If you had told my 10-year-old self that I would one day be deeply emotionally invested in growing asparagus, I would have said “Gross!”
Love it, or hate it, this early spring crop has a unique place in both the kitchen and the garden. But even after I developed a taste for asparagus, I hesitated to try to grow it, because it takes so long to get established.
Here are some tips and tricks to picking great varieties, preparing to plant, and getting over your fear of commitment!
One of the main appeals, and drawbacks, of asparagus is that it is a long-living perennial. It takes several years to start producing, but once it is established one bed will be productive for years to come. This is a plant that rewards patience.
Asparagus is hardy enough to thrive in a variety of conditions. My mother talks about picking wild asparagus growing in the ditches in Colorado, and I have seen monster asparagus plants in raised beds in Seattle. Commercial asparagus is grown in Mexico and California.
Asparagus wants cold winters or dry summers, to give it a period of dormancy, and grows best between 55 and 85 degrees F. As always, research what varieties grow best in your climate, and use the information from the seed company about soil temperature.
Speaking of seeds, most people don’t actually plant asparagus from seed. Because it takes so long to get established, many gardeners, including myself, buy 1-year-old asparagus crowns: a cluster of dormant buds with a root clump attached.
You may have heard people refer to “male” and “female” asparagus plants. Asparagus produces only either “male” or “female” gametes—either ovum or pollen—on separate plants. Plants like this are called diecious—a single plant cannot reproduce on its own.
In asparagus, male and female plants have slightly different characteristics. Male plants produce more spears, which makes them preferable to some gardeners, but female spears are thicker. You can buy hybrid asparagus types available that produce all male plants, which marginally increase yield but do not produce viable seeds for the gardener to replant.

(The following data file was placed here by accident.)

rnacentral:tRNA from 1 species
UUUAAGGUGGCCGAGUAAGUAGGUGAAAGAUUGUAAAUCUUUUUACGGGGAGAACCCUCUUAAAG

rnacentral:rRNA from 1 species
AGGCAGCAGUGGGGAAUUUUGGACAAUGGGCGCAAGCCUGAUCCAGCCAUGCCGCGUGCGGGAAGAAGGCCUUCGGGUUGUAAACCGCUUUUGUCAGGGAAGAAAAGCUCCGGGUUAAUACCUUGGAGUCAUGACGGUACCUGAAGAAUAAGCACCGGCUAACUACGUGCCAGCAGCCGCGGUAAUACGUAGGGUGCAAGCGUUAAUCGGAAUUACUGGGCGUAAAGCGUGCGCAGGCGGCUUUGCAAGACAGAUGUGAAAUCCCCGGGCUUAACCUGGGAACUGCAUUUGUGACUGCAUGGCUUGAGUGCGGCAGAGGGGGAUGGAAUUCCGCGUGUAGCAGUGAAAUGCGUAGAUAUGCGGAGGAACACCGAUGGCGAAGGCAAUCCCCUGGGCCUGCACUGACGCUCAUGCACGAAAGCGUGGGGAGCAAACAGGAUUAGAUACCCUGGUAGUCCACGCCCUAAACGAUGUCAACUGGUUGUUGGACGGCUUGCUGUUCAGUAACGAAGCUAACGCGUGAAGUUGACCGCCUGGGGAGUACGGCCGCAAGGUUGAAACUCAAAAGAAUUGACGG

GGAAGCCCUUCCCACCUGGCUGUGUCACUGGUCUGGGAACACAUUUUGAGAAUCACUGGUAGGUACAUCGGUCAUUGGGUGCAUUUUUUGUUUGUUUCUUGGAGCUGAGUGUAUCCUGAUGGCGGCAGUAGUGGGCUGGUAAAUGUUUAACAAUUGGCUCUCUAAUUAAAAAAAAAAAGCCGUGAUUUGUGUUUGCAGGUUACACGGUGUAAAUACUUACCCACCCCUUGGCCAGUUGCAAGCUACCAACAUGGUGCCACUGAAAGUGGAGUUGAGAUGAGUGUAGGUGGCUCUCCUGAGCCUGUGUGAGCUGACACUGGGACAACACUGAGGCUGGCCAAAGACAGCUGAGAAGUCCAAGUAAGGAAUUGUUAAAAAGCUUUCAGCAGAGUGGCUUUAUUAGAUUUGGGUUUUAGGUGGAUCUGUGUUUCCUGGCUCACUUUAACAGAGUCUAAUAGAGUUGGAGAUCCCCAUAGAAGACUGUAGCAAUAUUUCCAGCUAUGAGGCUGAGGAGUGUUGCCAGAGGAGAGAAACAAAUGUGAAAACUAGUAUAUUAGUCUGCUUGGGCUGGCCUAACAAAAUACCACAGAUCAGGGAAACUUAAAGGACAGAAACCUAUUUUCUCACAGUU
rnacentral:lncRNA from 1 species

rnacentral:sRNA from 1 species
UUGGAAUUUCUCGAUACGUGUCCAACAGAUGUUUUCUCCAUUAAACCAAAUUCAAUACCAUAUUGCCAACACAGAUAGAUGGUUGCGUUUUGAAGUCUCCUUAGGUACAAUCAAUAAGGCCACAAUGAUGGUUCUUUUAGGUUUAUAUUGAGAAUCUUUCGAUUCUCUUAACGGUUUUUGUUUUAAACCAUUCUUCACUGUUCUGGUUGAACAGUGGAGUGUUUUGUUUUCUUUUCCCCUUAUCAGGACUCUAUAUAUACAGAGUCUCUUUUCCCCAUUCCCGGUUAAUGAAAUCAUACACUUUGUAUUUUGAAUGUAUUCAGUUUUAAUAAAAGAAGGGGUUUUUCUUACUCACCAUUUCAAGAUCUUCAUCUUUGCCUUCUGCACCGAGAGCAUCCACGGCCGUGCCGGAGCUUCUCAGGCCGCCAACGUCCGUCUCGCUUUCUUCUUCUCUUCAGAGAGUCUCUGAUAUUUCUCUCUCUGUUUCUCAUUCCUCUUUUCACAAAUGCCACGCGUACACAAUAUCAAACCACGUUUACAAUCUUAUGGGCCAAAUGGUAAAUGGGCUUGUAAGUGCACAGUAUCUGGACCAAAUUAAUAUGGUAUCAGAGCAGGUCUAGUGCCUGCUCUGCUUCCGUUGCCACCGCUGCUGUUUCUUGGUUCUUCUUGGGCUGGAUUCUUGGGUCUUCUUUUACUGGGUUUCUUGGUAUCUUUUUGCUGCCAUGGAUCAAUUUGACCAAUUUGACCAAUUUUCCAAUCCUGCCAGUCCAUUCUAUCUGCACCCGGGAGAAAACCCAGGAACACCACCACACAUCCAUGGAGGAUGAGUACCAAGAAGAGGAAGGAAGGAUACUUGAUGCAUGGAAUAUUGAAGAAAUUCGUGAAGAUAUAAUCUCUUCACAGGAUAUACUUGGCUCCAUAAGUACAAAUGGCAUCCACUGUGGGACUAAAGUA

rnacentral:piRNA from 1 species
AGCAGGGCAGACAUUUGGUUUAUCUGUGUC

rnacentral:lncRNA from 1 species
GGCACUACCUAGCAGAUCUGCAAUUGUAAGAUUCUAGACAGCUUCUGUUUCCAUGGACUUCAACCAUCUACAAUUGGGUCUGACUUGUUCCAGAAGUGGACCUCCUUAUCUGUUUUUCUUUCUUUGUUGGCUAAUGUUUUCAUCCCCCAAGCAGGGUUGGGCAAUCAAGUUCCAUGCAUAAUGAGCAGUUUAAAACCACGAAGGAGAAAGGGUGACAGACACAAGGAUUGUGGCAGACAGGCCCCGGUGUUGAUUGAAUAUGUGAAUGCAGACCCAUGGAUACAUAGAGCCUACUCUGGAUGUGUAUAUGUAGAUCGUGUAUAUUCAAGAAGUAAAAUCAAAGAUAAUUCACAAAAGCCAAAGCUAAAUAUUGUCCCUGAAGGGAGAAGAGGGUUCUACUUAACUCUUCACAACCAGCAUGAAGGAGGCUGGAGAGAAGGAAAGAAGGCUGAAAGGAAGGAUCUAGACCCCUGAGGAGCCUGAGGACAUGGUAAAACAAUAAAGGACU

When you plan your garden bed for asparagus, choose carefully. This will be your asparagus bed for the next 15 to 20 years, if you’re lucky. It is possible to move established asparagus but transplanting asparagus damages the roots and sets you back at least a year in harvesting as the plants establish.
Before planting, get to know your soil. Check out our guide to creating and caring for healthy soil.
Soil quality is especially important for growing asparagus, since you won’t be able to turn the soil after you’ve planted your crowns. Giving your soil the best possible start will prevent headaches down the road. That includes incorporating lots of organic matter, amending to adjust pH, and focusing on getting a great soil texture.
Asparagus likes light, sandy soils that hold moisture. You can fertilize, to add nutrients, after the crowns are planted, but you won’t be able to incorporate any new material into the soil.
If you order seeds, start them outdoors in late spring. Asparagus roots grow too deep to start in a tray inside.
Follow the directions about soil temperature and seed spacing on the seed packet. Keep them weeded and watered for the first summer, and mulch them through the winter.
The following spring, as soon as the ground thaws, dig up each crown to replant in their permanent bed. If you order crowns from a seed company, keep them in a cool, dry place until you are ready to plant.
Plant your crowns about 18 inches apart, below the soil surface. Cover the roots but not the buds. As they sprout the first year you can mound soil up around the base until the original crown is completely covered.
Weeding is the biggest part of asparagus maintenance. The slender stalks don’t shade any of the ground, so they do a terrible job of outcompeting weeds.
Ever wonder why organic asparagus is so much more expensive than conventionally grown? It’s because asparagus doesn’t grow in straight lines! Every year, new stalks come up anywhere in the bed, making it impossible to weed mechanically, with a tractor.
So while conventional farmers can use pesticides to control weeds, organic farms employ people to weed their acres of asparagus by hand, increasing the price dramatically.